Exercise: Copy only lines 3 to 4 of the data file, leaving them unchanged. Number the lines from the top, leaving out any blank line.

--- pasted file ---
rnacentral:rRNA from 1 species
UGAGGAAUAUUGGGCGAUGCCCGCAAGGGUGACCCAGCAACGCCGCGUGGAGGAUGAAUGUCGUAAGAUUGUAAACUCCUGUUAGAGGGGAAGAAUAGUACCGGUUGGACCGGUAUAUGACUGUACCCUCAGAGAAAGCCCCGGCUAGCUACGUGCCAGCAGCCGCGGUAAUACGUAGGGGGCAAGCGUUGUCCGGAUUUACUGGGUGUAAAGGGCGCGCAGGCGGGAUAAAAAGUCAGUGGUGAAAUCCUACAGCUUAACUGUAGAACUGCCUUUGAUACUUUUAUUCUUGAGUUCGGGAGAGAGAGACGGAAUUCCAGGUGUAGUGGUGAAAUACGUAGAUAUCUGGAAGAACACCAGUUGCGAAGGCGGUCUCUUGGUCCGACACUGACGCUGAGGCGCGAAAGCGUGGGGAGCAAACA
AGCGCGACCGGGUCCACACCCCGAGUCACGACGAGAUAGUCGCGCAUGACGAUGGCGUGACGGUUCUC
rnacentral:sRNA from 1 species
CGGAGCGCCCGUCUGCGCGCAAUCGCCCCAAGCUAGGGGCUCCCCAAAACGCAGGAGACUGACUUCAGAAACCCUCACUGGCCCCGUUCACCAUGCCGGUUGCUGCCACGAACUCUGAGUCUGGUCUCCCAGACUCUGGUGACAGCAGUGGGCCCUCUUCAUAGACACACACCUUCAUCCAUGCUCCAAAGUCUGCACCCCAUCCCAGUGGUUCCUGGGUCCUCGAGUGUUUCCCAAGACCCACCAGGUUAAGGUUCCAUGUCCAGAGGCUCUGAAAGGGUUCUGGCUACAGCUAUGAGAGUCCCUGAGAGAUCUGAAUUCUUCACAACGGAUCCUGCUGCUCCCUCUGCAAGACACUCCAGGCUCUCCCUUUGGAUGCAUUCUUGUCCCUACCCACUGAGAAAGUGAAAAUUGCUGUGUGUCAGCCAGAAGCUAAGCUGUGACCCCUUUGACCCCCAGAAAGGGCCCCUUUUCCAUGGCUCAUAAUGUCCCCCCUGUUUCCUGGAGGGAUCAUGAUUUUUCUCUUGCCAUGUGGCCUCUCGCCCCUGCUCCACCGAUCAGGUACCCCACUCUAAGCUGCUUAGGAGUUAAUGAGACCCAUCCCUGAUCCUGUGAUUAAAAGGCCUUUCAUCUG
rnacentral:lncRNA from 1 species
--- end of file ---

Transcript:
AGCGCGACCGGGUCCACACCCCGAGUCACGACGAGAUAGUCGCGCAUGACGAUGGCGUGACGGUUCUC
rnacentral:sRNA from 1 species